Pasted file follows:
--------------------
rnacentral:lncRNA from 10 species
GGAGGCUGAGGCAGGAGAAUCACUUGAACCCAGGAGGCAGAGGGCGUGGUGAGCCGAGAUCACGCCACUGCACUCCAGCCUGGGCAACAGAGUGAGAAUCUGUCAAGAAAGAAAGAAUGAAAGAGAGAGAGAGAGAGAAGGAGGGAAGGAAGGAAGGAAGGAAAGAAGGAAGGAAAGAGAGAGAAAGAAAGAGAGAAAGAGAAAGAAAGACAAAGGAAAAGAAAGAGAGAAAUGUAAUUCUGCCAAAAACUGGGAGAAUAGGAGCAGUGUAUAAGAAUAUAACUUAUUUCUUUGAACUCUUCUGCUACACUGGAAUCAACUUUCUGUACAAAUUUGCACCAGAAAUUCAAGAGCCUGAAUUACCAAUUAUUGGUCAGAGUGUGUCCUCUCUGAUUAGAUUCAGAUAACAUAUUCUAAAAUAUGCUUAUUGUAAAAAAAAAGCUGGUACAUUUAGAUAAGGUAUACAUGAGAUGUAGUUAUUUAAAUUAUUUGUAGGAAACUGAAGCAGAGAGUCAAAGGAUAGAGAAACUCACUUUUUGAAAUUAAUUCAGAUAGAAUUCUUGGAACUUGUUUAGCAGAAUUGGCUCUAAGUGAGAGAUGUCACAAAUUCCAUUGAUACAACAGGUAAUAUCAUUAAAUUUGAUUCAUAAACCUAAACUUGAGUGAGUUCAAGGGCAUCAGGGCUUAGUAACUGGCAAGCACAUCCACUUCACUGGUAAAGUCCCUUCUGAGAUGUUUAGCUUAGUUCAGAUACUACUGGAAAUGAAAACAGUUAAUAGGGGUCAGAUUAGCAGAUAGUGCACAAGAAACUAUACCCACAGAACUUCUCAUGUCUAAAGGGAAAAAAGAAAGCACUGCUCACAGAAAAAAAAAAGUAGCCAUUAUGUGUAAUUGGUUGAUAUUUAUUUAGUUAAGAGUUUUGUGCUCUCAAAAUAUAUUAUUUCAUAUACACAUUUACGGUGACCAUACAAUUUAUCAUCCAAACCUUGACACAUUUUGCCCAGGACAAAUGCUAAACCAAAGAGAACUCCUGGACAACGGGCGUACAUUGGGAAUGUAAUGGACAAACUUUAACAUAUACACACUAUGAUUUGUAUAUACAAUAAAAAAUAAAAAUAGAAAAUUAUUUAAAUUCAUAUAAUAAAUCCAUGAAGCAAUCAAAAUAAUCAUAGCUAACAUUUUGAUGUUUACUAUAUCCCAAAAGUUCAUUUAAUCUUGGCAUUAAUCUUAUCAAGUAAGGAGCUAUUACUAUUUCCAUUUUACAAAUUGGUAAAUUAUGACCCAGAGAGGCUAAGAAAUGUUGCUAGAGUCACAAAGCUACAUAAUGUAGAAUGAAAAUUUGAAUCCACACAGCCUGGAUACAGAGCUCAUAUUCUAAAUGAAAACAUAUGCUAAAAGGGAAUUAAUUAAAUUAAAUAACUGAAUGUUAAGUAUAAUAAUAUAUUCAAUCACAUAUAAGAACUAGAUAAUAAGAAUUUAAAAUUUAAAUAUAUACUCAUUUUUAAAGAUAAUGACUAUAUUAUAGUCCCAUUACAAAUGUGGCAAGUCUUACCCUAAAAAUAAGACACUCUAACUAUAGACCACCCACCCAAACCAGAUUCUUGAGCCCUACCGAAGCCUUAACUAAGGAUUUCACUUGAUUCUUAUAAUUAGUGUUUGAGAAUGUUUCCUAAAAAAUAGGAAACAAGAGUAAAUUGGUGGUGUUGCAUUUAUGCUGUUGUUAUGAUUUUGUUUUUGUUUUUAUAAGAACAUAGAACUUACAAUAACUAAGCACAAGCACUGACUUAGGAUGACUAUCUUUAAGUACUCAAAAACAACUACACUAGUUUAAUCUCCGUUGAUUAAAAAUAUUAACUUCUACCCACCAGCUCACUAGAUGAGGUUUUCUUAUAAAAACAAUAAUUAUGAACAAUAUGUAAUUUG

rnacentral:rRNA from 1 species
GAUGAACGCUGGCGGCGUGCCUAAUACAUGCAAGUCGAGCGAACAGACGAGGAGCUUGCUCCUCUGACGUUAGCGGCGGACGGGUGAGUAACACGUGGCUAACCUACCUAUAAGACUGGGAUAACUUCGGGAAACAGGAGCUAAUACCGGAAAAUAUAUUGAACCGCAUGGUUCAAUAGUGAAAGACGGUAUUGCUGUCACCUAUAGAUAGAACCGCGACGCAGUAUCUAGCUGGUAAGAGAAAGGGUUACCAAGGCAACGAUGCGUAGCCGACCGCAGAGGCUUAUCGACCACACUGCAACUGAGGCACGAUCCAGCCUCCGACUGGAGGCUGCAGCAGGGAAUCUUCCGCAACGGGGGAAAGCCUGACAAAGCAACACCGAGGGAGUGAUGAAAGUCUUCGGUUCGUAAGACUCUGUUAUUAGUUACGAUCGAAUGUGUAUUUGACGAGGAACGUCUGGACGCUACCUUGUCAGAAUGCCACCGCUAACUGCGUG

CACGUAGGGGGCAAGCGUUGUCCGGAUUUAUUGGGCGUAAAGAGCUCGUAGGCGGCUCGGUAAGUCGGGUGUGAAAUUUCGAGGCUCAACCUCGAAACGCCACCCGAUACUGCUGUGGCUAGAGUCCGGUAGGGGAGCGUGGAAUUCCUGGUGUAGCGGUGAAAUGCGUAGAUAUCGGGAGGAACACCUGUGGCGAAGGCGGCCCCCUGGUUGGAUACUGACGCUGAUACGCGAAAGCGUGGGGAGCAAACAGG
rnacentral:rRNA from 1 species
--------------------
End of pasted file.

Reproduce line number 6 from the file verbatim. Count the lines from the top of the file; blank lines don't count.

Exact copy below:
rnacentral:rRNA from 1 species